Today's GCSE results in ICT are bad news for the technology industry, according to some industry watchers, who have called for more action to close the widening skills gap.
There was a slight drop in the amount of students passing GCSE ICT with grades A*-C down from 68.8 per cent last year to 67.9 per cent this year. In GCSE computing, the pass rate for the same grades dropped from 65.1 per cent to 60.4 per cent over the same period.
Buhwan Kaushik, CEO of software deployment firm Spectromax, said the results show the UK is failing to effectively educate computing in schools.
"I was dismayed to see such a significant drop in GCSE computing results," he said. "It's woeful, quite frankly. This is the UK's next generation of tech-entrepreneurs and coders, made up of digital natives no less, but we still can't find effective ways of teaching them the skills they need to enter a thriving digital economy via formal academic training.
"As the IT skills gap continues to grow worldwide, we need to make sure the UK doesn't get left behind. Enthusing students to learn computing and educating them effectively will be a huge step towards making this happen long term. There's simply no quick fix. We also need more IT programmes outside of school and university, and better opportunities for on the job IT training too."
Automation vendor Chef Software's technical practice manager, Mandi Walls, said today's GCSE results are "very bad news" for the future of UK tech businesses.
"Early analysis of today's GCSE results indicates science and technology subjects have now seen the largest drop in A* to A pass rates since 2011. It also shows 90 per cent of students in subjects such as engineering and computing are male. This is very bad news for the future of UK tech businesses," she said.
"Tech skills are increasingly important in all industries because more organisations are becoming software driven. Yet the nation's IT skills gap remains. How quickly organisations can bring in the talent they need is a key factor as to whether their digital transformation efforts succeed or fail."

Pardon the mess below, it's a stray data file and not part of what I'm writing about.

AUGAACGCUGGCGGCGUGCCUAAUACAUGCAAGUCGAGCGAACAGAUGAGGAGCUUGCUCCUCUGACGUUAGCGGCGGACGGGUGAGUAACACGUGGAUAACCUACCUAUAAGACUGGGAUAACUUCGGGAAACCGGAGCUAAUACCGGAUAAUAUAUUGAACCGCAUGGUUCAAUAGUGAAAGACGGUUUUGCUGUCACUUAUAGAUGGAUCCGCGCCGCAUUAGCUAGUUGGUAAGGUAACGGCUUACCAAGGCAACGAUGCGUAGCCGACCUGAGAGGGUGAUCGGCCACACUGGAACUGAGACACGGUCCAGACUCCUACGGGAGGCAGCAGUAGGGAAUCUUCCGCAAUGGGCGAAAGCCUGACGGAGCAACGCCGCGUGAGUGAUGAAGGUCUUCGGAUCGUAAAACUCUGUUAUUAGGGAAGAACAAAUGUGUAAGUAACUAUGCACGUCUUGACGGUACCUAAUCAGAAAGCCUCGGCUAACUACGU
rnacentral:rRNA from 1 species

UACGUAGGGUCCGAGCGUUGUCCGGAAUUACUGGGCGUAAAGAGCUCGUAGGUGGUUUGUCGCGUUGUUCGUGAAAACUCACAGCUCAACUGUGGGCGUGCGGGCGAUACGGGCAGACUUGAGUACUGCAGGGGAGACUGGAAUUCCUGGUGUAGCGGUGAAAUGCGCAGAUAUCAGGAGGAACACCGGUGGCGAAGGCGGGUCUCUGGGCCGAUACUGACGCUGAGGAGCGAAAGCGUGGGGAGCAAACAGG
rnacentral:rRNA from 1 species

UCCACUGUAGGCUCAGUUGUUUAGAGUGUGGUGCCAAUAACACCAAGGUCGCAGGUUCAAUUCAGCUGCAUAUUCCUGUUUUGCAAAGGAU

This comes at a time when recruitment in the tech industry has hit a rut, with analyst Empirica predicting that unfilled digital jobs in Europe will reach 756,000 by 2020.
Lawrence Jones (pictured), CEO at UKFast, said he thinks the skills shortage is as "bad as it has ever been – maybe even worse."
"Technology is moving so quickly that it is quite difficult for schools to keep up with that sort of pace," he said. "I can see people's frustrations and I think schools are going to have to adapt and find new ways of managing and keeping up with the pace. It has always been a business's job to skill up the people once they come to work for you anyway. So as long as they are being taught how to read and write, which they are, I think there are things we can teach kids."
Jones added that he believes apprenticeships are the quickest way to encourage people to work in the technology industry.
"I think apprenticeships work very well," he explained. "You get more and more kids coming straight out into businesses. I think businesses need to get better at their apprenticeship programmes. At the minute they just see it as cheap labour."
Jones announced earlier this year he would be doubling the apprenticeship scheme targets for the year. UKFast has a £4.5m training facility at its Manchester base.
"We've got five full-time teachers at UKFast now, which is unusual. But we have about 60 apprenticeships now, and around five or six per cent of the people at UKFast are either in an apprenticeship or have been on one. Some of those are even running departments," added Jones.
Another way of encouraging young people to consider careers in technology are clubs such as CoderDojo, teaching schoolchildren how to code, create websites and build apps.
UKFast has its own coding club, which Jones said sees children as young as four learning about technology.
"If you make tech interesting and exciting, people are going to be more engaged with it. The problem isn't just in schools; universities are behind the curve in many ways as well. That is down to how on earth you keep up with the pace of technology nowadays. It is difficult for a business, let alone a public sector organisation like a school," he said.
"We underestimate just how clever kids can be. Mozart was writing music at three or four years old. If you introduce a small child to something, they learn better. They can adopt things much quicker than adults can."
Jane Dickenson, senior manager for business development at CompTIA, siad she thinks school projects like coding clubs and the Barefoot programme - which involves industry experts helping primary school teachers with how best to teach students IT - are the way to close the skills gap.
She explained: "The IT industry does suffer from a large skills shortage. Burning Glass's 2016 UK labour insight study said there were about 300,000 job openings at any one time. It's about encouraging more entrants into the industry and upskilling people who are already there. It very much starts in the school system."
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